Later Monday start approved for ERHS starting Aug. 29
Start time for Monday mornings at Eagle River High School this coming school year will be delayed by 45 minutes beginning Aug. 29.
The schedule changes allow teachers to participate in Professional Learning Communities.
It is a move school officials have planned for a year, Martin Lang, school principal, said.
ERHS faculty visited Dimond and East high schools during the last school year to observe programs there. ERHS gave the program a two-week trial in March.
Lang said PLCs have been demonstrated to improve student and teacher performance as well as prevent professional isolation for teachers who spend their work day in classrooms.
“I’m excited to implement PLCs because they provide a weekly structure for on-going, relevant professional development for teachers. Anyone who’s ever taught knows it is a dynamic job with lots of variables that influence student learning. PLCs provide teachers the professional space to work together on those challenges, to share best practices, and to design the best possible learning experience for students,” Lang told The Star in an email.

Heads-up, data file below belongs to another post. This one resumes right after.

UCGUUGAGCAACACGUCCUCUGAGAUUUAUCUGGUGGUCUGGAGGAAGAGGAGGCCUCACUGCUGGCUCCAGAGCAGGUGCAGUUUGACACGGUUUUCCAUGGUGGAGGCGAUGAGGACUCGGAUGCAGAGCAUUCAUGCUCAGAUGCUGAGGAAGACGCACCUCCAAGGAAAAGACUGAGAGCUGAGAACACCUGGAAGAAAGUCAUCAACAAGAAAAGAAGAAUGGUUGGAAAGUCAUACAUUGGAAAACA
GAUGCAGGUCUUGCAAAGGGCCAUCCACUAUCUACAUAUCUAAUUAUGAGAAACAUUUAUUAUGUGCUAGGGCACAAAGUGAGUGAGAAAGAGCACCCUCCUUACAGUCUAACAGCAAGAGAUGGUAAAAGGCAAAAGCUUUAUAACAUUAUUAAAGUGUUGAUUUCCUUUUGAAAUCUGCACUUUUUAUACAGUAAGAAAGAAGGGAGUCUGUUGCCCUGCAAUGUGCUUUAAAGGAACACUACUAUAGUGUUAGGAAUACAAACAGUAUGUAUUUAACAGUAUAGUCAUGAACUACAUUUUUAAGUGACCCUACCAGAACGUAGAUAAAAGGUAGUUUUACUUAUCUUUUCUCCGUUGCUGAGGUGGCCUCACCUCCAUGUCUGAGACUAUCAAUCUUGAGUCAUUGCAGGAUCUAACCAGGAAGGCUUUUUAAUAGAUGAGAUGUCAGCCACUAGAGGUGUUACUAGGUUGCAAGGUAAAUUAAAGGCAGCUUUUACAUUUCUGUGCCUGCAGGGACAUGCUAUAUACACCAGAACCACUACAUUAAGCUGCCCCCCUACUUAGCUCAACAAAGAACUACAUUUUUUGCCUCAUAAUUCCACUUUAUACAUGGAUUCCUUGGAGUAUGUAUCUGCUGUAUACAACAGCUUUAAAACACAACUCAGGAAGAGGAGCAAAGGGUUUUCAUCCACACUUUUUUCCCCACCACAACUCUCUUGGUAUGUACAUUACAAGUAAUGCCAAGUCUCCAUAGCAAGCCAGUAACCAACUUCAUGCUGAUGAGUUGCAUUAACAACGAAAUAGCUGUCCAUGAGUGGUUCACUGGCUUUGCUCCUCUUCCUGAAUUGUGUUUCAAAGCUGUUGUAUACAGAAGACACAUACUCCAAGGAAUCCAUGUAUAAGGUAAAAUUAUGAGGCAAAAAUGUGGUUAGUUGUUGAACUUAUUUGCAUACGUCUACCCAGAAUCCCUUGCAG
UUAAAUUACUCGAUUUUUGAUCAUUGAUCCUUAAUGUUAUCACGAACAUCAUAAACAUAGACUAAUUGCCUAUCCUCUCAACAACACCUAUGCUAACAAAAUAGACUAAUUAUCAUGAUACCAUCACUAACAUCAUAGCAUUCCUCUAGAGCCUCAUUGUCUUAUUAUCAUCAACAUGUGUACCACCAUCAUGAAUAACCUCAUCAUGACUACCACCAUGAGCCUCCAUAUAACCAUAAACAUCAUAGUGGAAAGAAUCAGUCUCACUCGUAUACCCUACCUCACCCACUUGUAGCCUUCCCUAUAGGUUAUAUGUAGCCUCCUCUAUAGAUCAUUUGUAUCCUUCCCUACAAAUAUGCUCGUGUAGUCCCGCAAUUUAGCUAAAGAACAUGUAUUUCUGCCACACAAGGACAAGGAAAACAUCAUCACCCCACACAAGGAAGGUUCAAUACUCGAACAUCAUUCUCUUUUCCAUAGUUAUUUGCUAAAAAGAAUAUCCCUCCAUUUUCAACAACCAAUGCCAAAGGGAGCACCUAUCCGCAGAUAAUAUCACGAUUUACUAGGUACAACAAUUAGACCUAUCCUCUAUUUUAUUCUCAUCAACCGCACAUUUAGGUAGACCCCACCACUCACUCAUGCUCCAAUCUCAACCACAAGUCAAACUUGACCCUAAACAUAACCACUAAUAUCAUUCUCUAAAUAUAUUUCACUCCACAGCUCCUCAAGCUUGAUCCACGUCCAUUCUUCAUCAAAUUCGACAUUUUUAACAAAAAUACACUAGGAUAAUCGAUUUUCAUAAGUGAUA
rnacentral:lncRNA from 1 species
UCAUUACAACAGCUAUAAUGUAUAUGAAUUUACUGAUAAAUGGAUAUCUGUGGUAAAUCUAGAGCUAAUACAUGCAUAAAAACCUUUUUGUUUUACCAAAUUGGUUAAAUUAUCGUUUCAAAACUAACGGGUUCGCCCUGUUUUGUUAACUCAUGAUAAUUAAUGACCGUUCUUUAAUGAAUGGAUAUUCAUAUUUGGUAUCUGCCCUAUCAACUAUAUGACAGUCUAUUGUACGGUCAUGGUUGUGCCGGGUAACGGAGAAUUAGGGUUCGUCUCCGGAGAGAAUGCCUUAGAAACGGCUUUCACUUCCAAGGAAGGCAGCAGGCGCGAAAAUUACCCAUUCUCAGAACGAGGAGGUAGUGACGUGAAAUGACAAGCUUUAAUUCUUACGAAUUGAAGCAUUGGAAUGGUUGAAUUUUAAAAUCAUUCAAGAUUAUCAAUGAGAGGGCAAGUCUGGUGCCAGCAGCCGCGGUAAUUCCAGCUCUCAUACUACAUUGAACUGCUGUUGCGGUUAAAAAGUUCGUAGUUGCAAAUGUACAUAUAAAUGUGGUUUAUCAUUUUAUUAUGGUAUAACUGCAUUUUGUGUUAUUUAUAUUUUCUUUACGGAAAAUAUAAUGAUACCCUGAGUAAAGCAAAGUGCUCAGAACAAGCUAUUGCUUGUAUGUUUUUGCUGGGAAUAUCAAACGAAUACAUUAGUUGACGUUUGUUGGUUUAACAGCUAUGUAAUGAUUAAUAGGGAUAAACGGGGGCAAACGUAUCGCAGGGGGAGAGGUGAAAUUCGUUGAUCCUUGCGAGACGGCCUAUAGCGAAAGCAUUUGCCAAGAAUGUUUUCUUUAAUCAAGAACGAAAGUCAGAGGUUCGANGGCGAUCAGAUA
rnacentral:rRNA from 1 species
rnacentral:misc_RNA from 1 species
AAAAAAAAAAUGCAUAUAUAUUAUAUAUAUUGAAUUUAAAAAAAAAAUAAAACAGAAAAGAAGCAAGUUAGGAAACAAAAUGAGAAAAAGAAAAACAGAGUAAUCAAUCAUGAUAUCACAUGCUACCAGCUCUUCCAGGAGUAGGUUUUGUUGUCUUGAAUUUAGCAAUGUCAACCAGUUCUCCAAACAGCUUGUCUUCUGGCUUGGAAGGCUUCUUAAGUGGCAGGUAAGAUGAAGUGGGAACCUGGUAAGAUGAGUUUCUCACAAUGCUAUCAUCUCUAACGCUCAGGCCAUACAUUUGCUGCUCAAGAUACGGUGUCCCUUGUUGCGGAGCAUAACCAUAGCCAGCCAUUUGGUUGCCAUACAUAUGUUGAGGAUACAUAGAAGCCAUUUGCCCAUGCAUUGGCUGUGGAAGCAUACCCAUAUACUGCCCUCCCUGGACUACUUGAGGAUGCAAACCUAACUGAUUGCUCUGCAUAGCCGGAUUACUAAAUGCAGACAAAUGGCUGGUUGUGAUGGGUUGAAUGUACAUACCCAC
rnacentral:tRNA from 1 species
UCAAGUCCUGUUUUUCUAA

A PLC for ERHS was presented to the Anchorage School Board at its Aug.1 meeting.
In other school-related news, Bobby Jefts, Gruening Middle School principal, announced a series of new classes are available for the school’s seventh and eighth grade students to select from during registration.
“We are continually looking to expand the elective offerings to our students, and I am particularly excited about these,” Jefts said in an email sent out by the school to parents.
New options for seventh grade include a freshwater biology course slated to cover basic concepts, terms and theories as related to ecological factors that impact freshwater habitats including those of South Central Alaska salmon.
Eighth grade students have two new elective options: Recreational Reading and Strategies for Success.
The first focuses on the literary debate: which is better – the book or the film.
Students will read a book and then watch the corresponding film as well as create their own critique of written materials as short as comic books to lengthy novels and everything in between.
The second course is being described as a “study hall” that offers additional academic strategies to help students needing extra academic support or time to get caught up on homework from other classes.
Connect with Amy Armstrong via email at [email protected]